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It’s Not That Difficult To Talk About FromSoftware Games

You can have complicated feelings about things you like and dislike in FromSoftware games. Shadow of the Erdtree is no different.

It’s pretty, I’ll give it that. Credit: Bandai Namco Entertainment.

There is an albatross hanging around the neck of the latest FromSoftware release, the same as every FromSoftware release: difficulty. The problem is that talking about difficulty in the abstract like it’s a set value is boring, reactionary, and not particularly productive, It obfuscates the real trade-offs that From often makes with their games, and Shadow of the Erdtree is very much a game of trade-offs. And the worst thing about it is that talking about these games critically with nuance is simply not that difficult.

Mixed Blessings

If you've gotten to this point you know exactly what this game's deal was, or at least you did a year or two ago. Credit: Bandai Namco Entertainment.

Shadow of the Erdtree is the DLC expansion to Elden Ring and from the jump, it is not an easy bit of DLC to unlock, requiring that you have beaten Mogh, an optional boss hidden in a fairly out of the way place. The placement, aside from its lore implications, is a significant choice and establishes who the DLC was always meant for: everyone who has beaten the extreme ends of Elden Ring into the ground, have hit the ends of the base game and gotten to around level 150. By touching the The Cocoon of the Empyrean, you are transported to The Land of Shadow, a reality with its own special rules. 

Warning: Minor location, weapon, and boss spoilers ahead, although I have attempted to avoid discussing major plot elements whenever possible.

The second you go into the Land of Shadow, you quickly notice that everything in it hits you like a fucking fire truck. To balance the fact that people are probably overleveled going into this expansion, Shadow of the Erdtree introduces a new mechanic, centred around items called Scadutree Fragments. By collecting these fragments, you are able to power up both the damage you deal and the damage you take. This is where nuance is important, because while the rationale for this system is smart and addresses a very real problem, it’s implemented quite badly.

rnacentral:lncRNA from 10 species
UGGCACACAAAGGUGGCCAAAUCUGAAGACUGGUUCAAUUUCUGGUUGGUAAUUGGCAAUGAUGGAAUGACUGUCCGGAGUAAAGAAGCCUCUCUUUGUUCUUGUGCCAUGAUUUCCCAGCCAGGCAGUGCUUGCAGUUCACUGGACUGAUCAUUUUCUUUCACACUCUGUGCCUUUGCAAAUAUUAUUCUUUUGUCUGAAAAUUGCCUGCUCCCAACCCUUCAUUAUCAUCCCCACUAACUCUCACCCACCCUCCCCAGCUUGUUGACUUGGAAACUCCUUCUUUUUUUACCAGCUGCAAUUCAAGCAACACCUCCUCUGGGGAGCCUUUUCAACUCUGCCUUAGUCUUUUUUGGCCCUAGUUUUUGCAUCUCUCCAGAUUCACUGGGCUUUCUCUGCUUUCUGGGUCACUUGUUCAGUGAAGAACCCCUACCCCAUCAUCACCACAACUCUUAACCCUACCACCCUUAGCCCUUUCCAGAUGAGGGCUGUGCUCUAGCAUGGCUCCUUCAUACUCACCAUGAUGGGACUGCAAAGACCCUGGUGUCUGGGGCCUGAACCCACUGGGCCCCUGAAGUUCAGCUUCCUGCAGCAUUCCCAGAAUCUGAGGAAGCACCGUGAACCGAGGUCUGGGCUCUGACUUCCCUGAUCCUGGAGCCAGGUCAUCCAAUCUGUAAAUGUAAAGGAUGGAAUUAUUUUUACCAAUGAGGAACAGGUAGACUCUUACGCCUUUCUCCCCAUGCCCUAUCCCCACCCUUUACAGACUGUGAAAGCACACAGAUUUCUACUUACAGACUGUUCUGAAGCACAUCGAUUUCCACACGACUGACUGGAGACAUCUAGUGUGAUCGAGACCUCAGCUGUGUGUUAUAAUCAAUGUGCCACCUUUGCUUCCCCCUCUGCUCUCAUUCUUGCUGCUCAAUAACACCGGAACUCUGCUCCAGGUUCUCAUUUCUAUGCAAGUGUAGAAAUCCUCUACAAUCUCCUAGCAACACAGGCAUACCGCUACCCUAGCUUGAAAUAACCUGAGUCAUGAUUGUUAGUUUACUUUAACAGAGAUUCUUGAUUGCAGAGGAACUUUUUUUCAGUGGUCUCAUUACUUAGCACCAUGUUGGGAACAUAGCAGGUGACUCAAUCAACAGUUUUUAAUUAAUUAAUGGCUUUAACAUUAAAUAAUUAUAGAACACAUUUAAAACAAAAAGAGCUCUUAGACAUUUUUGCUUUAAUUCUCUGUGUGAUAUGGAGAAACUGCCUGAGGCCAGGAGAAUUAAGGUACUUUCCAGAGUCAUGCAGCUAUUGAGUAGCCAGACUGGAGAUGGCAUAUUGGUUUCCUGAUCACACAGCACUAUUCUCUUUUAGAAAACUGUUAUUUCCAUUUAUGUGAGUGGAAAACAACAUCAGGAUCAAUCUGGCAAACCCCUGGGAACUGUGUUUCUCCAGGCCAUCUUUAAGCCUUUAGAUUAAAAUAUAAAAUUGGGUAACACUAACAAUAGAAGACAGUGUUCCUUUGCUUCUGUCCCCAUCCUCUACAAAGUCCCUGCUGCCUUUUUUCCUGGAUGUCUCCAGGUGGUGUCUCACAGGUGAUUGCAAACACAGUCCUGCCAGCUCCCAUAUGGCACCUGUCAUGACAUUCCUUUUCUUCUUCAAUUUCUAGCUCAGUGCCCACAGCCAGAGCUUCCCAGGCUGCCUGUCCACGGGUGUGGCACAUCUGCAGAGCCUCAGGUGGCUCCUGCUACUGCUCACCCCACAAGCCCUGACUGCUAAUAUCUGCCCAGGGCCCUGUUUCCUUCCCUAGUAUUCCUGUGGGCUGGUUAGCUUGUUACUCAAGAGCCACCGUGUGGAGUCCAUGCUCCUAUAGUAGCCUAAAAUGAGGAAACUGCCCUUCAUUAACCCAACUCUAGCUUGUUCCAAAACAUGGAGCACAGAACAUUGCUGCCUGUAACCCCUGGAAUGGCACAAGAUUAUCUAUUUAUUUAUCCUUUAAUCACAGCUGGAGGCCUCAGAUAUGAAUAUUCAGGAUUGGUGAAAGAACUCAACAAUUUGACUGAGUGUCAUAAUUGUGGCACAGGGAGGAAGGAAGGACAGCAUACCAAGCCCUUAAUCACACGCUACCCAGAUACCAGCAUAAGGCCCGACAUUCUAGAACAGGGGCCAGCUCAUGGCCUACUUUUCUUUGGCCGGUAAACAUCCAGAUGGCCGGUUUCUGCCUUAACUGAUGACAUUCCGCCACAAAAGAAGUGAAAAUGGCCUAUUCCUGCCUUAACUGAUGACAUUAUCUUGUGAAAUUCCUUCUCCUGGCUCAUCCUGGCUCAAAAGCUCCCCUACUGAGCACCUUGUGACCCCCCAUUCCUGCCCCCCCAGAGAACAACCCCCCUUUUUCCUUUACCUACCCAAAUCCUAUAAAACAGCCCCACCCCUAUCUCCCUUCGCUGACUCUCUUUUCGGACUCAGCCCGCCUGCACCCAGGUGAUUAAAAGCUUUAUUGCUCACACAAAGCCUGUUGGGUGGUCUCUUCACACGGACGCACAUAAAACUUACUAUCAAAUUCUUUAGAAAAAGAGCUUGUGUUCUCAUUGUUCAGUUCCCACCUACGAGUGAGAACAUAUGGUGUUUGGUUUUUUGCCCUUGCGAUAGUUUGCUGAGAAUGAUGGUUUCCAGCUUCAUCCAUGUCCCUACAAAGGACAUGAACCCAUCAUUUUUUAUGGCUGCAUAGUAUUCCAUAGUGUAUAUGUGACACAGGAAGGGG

You will find Scadutree fragments around here, sometimes, mostly. Credit: Bandai Namco Entertainment.

It is clear that FromSoftware, who have created a gargantuan world, would like you to explore all of it instead of just boss rushing the whole thing, (To reduce this release to simple DLC would be underselling it, although I disagree that this is basically a sequel.) But they both clumsily tell you about the Scadutree Fragment system while never really stressing how significant a difference it makes in the basic playability of the DLC. The scaling, at least at launch, was gargantuan. What's more, by hiding leveling in a Korok-ass collectible, progression becomes a fetch quest. 

This would be fine if there was some kind of cohesion about where shards appear, but there’s only a vague rhyme or reason behind their placement. Initially it seems like they mostly stay around crucifixes, but sometimes guys who have jars have them, and sometimes they are near statues, but also sometimes big hippos carry them, and once I saw one in a coffin under a waterfall. You could argue that this is no different than hiding Golden Seed flask upgrades, but I feel like those are fundamentally different mechanics. There’s a better way they could have done this, and I feel slightly vindicated here given the fact that they aggressively patched the scaling of the system as I was writing this blog, making the initial Scadutree Fragments more significant, and the later ones more gradual. 

Lands Between 

The verticality in these games is breathtaking, the map is somewhat annoying. Credit: Bandai Namco Entertainment

Forcing the player to explore the world is a valid choice, because Shadow of the Erdtree has some of the most gorgeous landscapes I have ever seen in a game. But many of those vistas are also a little empty, even by Elden Ring standards. It’s not uncommon to see beautiful, striking biome in the distance, get there, and then find like two things to do in them.